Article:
In addition, the reception involves subjective and individual questions, search for meanings and for the not said15, converging with sociopoetic principles when searching for the meaning of what is hidden or buried in the unconscious10.

It is through the nurses' posture of treating women with dignity, in the de-medicalized perspective, taking responsibility as a service for their needs and considering their subjective expressions in a communicative relationship, the obstetrical nurse receives and demonstrates one of the skills as a mediator in educational practices.

This walk of humanized care culminates in the bond, a process that when built, provides new meetings between the service/professional and the clientele, based on the credibility and trust in a health facility with no bureaucratic characteristics and where individualities are valued13.

In this sense, in the field of women's health, the link is essential and represents the approximation between human relations, stimulating the professional to be responsible for promoting health and well-being of this clientele13. It appeared, then, that the skills of hosting and creating bond are intertwined and conditioned, as they are born from human relationships established within a historical and temporal context between obstetrical nurses and pregnant women.

The form of treatment and the experiences lived and meant result in the care process, where educational practices fall and consolidate the obstetrical nurse's ability of hosting and creating bond.

In the universe of bonds, spirituality and faith appear wrapped in a violet light, where energies circulate among these people, represented by the mother earth, which is the basis from which flow the spiritual senses. So, the energy within the GR has roots in the earth, the relationship between obstetrical nurses and pregnant women is able to flow through channels that are open to receive exchanges in the educational relationship, considering their life stories and gender socialization:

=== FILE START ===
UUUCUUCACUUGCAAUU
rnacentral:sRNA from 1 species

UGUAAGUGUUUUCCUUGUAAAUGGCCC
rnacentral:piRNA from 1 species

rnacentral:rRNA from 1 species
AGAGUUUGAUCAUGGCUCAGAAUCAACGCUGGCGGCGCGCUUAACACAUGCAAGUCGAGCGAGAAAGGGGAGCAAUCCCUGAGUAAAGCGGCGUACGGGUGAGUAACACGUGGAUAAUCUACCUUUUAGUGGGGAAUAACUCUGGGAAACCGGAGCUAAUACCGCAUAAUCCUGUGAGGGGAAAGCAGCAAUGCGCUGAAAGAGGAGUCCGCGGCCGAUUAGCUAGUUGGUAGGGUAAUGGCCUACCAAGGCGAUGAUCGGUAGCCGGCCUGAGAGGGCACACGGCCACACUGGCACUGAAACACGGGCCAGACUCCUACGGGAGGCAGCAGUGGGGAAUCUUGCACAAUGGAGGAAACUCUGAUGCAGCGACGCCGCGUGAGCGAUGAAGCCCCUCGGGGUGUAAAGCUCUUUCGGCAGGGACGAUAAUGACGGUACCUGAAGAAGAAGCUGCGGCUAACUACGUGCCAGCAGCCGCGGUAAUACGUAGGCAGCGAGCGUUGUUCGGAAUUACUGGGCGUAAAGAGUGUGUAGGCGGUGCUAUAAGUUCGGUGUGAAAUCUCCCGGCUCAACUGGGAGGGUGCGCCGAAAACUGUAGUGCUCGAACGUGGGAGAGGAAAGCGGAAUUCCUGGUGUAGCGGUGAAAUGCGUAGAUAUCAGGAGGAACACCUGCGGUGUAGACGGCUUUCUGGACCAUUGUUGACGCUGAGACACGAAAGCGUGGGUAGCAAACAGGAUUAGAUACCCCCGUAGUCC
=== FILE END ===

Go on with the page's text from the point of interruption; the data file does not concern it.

The earth would be round, bright and violet. It would be a colored place like sky blue on a summer day with the sun to enlighten the thinking and let flow the energy and inner strength. (GR)

In this sense, spirituality in sociopoetics is a dimension to be valued and sought, as it is manifested in the relationship of man with nature and with the world, individually and collectively, and the GR has the unique role of channel of expression of spiritual senses. Specifically, in this study, with women nurses and pregnant women, the question of female gender, traditionally buried by the patriarchal discourse, has ethical epistemological implications, highlighting the importance of balance, in scientific studies, of the relationship between social work of women, the characteristics of the work of men, and spirituality11.

Understanding health education as a field of practice and knowledge of the health sector that has been occupied more directly with the creation of links between professional action and the daily activity and the thinking of the population, it proposes - to take the unconscious, creating a culture of social, emotional and spiritual care, in which emotion and intuition are put into operation in the health work, balancing its relationship with reason in the therapeutic action17.

Sense of security promotion